A top economist claims the prudential regulator has “opened the door” for banks to hike rates even if the Reserve Bank lowers the official cash rate.
Some economists believe the Reserve Bank could reduce the official cash rate at its next board meeting in February – but Domain Group senior economist Andrew Wilson said that would not necessarily translate into cheaper home loans or a more buoyant housing market.
“We are getting into this environment of a disconnect between mortgage rates and official interest rates,” he said.
“There has been a little bit of a Mexican standoff between the banks and the Reserve Bank.
“I think we’ve still got the prospect of rate rises from the banks through to July next year when they have to consolidate their new loan book capital backing.”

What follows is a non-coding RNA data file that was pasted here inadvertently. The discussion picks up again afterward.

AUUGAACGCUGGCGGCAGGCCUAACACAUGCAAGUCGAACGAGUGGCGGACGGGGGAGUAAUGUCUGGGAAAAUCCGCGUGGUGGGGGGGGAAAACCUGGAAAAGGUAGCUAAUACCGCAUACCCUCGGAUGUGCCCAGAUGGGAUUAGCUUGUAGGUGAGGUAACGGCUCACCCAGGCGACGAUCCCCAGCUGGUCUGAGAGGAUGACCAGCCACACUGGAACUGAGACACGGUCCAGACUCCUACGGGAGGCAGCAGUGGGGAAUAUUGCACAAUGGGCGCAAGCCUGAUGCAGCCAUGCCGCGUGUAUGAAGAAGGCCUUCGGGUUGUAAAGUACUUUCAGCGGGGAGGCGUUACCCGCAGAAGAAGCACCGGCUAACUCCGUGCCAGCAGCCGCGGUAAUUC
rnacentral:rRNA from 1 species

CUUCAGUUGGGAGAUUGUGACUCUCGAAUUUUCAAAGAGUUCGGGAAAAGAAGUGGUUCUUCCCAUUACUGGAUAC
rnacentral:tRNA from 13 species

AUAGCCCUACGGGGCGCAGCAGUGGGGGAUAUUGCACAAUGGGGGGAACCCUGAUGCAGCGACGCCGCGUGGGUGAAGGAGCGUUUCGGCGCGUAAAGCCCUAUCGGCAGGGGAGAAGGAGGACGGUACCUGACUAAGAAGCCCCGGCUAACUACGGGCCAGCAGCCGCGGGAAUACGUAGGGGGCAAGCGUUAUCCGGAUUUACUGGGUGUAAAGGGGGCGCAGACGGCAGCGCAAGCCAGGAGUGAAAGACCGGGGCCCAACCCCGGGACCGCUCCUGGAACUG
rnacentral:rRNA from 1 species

Regardless of how the RBA acts, it might not have any impact on mortgage rates, Dr Wilson said, adding that there will still be upward pressure on mortgage rates next year.
“We know that APRA have told the banks that they can’t grow their investor loan books by more than 10 per cent annually,” he said. “I’m not so sure that has ended either.
“It is as though APRA has opened the door for the banks to act in their own commercial interests under the cover of these macroprudential policies.”
Dr Wilson said housing markets will continue to flatten as a result of rising mortgage rates.
“I wouldn’t be surprised if we saw interest rates increasing again as they did in October,” he said.
“We saw the auction markets fall away as a result of that, which is a confidence thing.”
[Related: Andrew Wilson slams investor crackdown]